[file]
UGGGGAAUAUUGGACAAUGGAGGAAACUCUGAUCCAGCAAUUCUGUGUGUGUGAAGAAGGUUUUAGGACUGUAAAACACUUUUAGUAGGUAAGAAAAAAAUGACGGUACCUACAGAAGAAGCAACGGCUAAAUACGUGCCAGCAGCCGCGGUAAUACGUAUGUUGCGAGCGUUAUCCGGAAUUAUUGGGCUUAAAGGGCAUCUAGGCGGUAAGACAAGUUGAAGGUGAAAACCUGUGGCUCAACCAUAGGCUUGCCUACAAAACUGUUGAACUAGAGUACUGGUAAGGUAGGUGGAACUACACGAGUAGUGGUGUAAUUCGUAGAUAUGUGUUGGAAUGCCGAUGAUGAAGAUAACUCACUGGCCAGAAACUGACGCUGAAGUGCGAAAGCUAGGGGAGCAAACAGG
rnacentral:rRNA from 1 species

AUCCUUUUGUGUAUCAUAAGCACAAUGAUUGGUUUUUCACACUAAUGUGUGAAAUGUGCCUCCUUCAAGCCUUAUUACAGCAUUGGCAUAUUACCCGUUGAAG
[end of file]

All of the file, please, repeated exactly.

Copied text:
UGGGGAAUAUUGGACAAUGGAGGAAACUCUGAUCCAGCAAUUCUGUGUGUGUGAAGAAGGUUUUAGGACUGUAAAACACUUUUAGUAGGUAAGAAAAAAAUGACGGUACCUACAGAAGAAGCAACGGCUAAAUACGUGCCAGCAGCCGCGGUAAUACGUAUGUUGCGAGCGUUAUCCGGAAUUAUUGGGCUUAAAGGGCAUCUAGGCGGUAAGACAAGUUGAAGGUGAAAACCUGUGGCUCAACCAUAGGCUUGCCUACAAAACUGUUGAACUAGAGUACUGGUAAGGUAGGUGGAACUACACGAGUAGUGGUGUAAUUCGUAGAUAUGUGUUGGAAUGCCGAUGAUGAAGAUAACUCACUGGCCAGAAACUGACGCUGAAGUGCGAAAGCUAGGGGAGCAAACAGG
rnacentral:rRNA from 1 species

AUCCUUUUGUGUAUCAUAAGCACAAUGAUUGGUUUUUCACACUAAUGUGUGAAAUGUGCCUCCUUCAAGCCUUAUUACAGCAUUGGCAUAUUACCCGUUGAAG